There are shows produced by major networks like CBS, and a few other notables such as the Jack Benny Show, whose rights holders or their heirs have rigorously kept track of their copyrights and enforced them over the years, but in the vast majority of cases the identities of the rights holders have been obscured by time. In the 30s and 40s there was no uniform practice for assigning radio show copyrights. Sometimes the originating station held the rights, sometimes the writers, sometimes a producer, even a lead actor. Over the years stations and production companies have gone out of business, merged and been absorbed, making it impossible in practical terms to trace the current rights holders.

    Without years of "pirating" by collectors and enthusiasts (myself included) who keep creating and distributing more copies out of love for the material, very little of that segment of entertainment history would still exist. So for their efforts to retroactively castrate the public domain, I say to our corporate representatives in Congress, GO FUCK YOURSELVES.

     

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  43.  
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    misterdoug (profile), Apr 12th, 2011 @ 12:41am

    Re: We need a new system for old works

    Opt-in copyright has been proposed repeatedly, but what I mean by "proposed" doesn't involve handing suitcases of money to Congressmen, hence it will not happen. The U.S. has been driving the world relentlessly toward the goal of perpetual rightsholding and the elimination of public domain. This effort has had many victories and few setbacks, and I believe it will succeed within a few years.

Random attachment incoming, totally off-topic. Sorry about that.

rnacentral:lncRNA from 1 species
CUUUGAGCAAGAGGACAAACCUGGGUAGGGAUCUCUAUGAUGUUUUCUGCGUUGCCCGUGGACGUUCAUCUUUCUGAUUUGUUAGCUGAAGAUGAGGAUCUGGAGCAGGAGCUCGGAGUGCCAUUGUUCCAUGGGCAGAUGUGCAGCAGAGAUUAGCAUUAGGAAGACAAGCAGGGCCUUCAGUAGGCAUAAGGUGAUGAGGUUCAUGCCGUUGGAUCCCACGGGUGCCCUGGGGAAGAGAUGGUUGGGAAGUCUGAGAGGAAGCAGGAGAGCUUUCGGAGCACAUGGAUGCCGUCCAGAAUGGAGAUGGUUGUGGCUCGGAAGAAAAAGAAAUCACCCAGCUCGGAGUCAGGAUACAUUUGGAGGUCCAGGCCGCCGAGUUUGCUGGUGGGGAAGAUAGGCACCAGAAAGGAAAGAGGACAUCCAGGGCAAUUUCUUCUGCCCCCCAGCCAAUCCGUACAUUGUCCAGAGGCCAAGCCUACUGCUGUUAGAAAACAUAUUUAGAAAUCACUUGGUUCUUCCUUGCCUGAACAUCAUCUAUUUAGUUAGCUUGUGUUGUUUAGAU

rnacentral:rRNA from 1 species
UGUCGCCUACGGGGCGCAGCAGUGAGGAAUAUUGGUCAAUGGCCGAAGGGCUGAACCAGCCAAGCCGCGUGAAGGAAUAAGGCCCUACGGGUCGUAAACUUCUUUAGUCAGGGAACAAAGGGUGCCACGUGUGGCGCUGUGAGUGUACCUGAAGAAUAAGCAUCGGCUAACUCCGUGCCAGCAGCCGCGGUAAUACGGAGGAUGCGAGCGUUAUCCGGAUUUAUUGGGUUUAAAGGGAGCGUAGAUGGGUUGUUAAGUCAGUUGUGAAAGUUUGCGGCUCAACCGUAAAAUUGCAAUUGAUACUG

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  44.  
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    coldbrew, Apr 12th, 2011 @ 7:12am

    Re: The sole archivist?

    To be honest, I've never explored the veracity of these claims, but if you are interested I can dig into the details and figure out what exactly this entails. I don't know about you, but I don't go fact checking every family member at the yearly picnic.

    I appreciate your knowledge in this area, and I'm glad someone put me in check *here*. Maybe I can turn this stuff over to you?

    I've seen the wall of tapes and it's at least 12 foot wide and 8 foot tall, and my cousin is about 70 years old. How should I let you know what I find out when I dig deeper?

    P.S. One interesting tidbit: His son works for Universal :-)

     

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  45.  
    identicon